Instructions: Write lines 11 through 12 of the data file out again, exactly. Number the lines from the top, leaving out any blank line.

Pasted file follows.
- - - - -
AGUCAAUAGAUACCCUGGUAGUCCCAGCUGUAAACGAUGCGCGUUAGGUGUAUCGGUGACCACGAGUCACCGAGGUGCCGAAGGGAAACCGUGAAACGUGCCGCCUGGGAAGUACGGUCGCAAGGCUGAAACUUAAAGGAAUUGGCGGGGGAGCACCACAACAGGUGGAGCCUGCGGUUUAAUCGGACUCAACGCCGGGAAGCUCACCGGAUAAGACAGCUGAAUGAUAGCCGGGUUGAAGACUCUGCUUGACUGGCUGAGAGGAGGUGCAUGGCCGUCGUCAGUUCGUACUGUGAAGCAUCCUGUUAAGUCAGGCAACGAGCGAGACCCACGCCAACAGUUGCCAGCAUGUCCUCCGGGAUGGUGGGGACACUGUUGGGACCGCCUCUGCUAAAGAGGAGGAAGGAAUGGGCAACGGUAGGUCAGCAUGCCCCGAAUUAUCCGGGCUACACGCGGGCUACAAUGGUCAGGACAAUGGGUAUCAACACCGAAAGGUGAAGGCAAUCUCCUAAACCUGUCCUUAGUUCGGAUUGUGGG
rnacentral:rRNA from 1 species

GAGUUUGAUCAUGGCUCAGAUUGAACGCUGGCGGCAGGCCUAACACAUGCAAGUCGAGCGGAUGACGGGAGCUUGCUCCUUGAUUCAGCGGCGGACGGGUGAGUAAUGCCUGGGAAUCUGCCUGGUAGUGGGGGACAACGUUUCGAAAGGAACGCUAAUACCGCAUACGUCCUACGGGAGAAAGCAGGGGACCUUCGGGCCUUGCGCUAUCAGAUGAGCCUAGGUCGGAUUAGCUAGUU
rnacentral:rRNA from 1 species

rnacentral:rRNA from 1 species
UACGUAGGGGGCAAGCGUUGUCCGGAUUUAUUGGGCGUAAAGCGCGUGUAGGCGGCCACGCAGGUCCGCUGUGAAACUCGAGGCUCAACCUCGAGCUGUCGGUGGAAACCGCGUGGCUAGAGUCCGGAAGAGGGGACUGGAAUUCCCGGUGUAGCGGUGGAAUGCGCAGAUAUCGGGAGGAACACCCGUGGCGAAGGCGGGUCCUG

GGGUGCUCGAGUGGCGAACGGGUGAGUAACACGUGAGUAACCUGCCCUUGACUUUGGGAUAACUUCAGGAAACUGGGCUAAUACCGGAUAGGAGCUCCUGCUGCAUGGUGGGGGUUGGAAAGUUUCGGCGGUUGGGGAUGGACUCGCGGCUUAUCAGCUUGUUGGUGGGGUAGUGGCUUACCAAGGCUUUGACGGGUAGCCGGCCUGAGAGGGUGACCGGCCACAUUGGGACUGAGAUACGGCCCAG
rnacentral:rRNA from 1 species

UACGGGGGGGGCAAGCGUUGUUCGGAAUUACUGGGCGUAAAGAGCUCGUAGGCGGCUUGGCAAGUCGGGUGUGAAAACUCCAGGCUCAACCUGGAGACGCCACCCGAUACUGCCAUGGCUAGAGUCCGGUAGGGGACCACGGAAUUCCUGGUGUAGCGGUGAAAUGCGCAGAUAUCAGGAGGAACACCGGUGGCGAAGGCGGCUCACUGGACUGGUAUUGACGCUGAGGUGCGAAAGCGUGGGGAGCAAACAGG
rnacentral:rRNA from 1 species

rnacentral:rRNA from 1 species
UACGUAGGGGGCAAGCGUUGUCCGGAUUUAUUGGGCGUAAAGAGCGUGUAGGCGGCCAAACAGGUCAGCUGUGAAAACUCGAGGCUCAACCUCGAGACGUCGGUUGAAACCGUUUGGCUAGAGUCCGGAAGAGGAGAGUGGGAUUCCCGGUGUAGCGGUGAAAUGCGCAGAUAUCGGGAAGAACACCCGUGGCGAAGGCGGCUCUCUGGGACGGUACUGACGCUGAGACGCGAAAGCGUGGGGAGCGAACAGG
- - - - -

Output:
rnacentral:rRNA from 1 species
UACGUAGGGGGCAAGCGUUGUCCGGAUUUAUUGGGCGUAAAGAGCGUGUAGGCGGCCAAACAGGUCAGCUGUGAAAACUCGAGGCUCAACCUCGAGACGUCGGUUGAAACCGUUUGGCUAGAGUCCGGAAGAGGAGAGUGGGAUUCCCGGUGUAGCGGUGAAAUGCGCAGAUAUCGGGAAGAACACCCGUGGCGAAGGCGGCUCUCUGGGACGGUACUGACGCUGAGACGCGAAAGCGUGGGGAGCGAACAGG